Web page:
As it is, Foster has been sentenced to 28 months, at least half of which she will spend in prison – longer, as the Labour MP Stella Creasy quickly noted, than the average prison sentence for violent assault. Given the UK’s scandalously low conviction rates for rape and sexual violence, Foster, who is “wracked by guilt” and poses no risk to society, will be punished far more harshly than most rapists who might then go on to reoffend. The message to women – that the decisions they make about their own bodies will be policed more strictly than the violence committed against them – is chillingly clear.
What is also clear is that the law as it stands is not fit for purpose. You do not need to believe, as some campaigners argue, that there should be no limits or regulations at all to see that there is something deeply wrong with criminalising desperation. As the criminal justice professor Emma Milne has pointed out, “No woman seeks to end a late-term pregnancy if she is not in crisis.”
Someone making such a drastic choice, whether they did not know or accept they were pregnant until too late, or whether their circumstances had changed, is by definition incredibly vulnerable. It is possible to have a legal system that acknowledges the rights of an unborn child after a certain point and regulates abortion without turning women in crisis into literal criminals. It is possible to have abortion limits while still recognising that it serves no one – not women, not doctors, not society and not even future babies – to lock someone away from her existing children for more than a year because, amid the intensity of the pandemic, she did not feel she could cope with another child.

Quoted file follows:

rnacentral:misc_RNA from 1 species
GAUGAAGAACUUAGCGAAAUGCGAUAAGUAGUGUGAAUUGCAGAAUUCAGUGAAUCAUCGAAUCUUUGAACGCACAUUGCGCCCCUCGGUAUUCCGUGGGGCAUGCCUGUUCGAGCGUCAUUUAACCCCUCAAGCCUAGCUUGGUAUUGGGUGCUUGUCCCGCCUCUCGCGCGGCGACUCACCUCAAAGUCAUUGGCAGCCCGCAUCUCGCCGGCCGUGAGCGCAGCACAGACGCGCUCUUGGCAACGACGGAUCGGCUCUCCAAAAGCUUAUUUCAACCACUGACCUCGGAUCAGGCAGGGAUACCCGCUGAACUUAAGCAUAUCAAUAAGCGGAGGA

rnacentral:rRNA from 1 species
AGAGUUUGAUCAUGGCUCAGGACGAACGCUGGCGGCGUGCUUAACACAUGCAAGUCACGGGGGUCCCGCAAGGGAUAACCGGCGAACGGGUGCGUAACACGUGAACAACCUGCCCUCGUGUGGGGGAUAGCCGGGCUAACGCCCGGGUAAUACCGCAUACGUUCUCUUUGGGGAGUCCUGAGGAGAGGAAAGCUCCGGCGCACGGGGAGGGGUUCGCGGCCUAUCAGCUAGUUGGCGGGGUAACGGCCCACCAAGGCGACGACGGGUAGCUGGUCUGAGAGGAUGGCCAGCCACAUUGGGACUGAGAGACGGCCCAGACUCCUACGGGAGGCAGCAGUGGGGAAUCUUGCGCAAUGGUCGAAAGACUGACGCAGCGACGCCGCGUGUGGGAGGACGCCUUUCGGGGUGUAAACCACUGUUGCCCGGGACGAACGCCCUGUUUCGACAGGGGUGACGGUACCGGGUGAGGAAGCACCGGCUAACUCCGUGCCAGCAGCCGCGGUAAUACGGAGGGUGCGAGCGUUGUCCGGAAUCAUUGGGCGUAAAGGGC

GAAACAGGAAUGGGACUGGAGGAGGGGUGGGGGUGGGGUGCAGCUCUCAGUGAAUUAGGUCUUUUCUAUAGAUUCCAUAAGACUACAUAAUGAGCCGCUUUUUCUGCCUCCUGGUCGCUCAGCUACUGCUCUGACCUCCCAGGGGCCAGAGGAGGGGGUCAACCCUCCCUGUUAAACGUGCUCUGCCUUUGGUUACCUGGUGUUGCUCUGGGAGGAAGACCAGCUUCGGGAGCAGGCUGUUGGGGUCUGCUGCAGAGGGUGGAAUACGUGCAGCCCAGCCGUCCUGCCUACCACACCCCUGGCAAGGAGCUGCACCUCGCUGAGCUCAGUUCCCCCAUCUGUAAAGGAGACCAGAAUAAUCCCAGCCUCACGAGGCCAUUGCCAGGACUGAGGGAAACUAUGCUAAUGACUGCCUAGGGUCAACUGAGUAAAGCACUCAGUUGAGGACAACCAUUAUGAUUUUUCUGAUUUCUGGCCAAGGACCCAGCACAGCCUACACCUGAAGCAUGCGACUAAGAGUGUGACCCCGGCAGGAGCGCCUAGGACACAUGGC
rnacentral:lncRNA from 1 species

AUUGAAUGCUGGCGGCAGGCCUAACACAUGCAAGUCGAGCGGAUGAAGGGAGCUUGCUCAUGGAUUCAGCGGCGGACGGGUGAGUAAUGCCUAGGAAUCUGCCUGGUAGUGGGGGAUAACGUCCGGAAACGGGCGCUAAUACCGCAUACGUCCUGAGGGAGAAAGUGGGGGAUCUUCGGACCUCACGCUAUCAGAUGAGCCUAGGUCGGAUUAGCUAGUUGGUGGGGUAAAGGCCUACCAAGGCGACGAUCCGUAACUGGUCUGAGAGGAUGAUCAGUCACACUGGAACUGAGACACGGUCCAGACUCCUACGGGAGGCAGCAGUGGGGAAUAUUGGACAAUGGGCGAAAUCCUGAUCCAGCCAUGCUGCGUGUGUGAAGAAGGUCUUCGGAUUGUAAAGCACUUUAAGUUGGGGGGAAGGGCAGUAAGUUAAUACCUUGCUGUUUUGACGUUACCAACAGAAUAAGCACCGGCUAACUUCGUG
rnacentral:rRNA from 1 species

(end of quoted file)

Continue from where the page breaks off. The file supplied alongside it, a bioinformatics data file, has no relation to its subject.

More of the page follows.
Prior to this week, it was not generally known that England had never completely decriminalised abortion. Most people – even those who had themselves terminated pregnancies – would not have been aware that the 1861 Offences Against the Person Act was never repealed, and that the 1967 Abortion Act only provided certain exemptions. Nor is there widespread awareness of the “increase in the numbers of women and girls facing the trauma of lengthy police investigations and threatened with up to life imprisonment under our archaic abortion law”, to quote the statement the British Pregnancy Advisory Service put out following Foster’s sentencing. The battle over reproductive rights playing out in the US in the aftermath of the Supreme Court’s decision to overturn Roe vs Wade has not seemed relevant this side of the Atlantic.
Now, there are calls to review UK legislation and emulate Northern Ireland, which removed the threat of criminalisation for women ending pregnancies in 2020. MPs from across the political spectrum are starting to take note; there is a protest planned this Saturday at which women will march for their rights. Everything about this case is tragic. The one consolation is that maybe, just maybe, it could spur a much-needed change in the law and mean no desperate women facing impossible circumstances ever end up in prison again.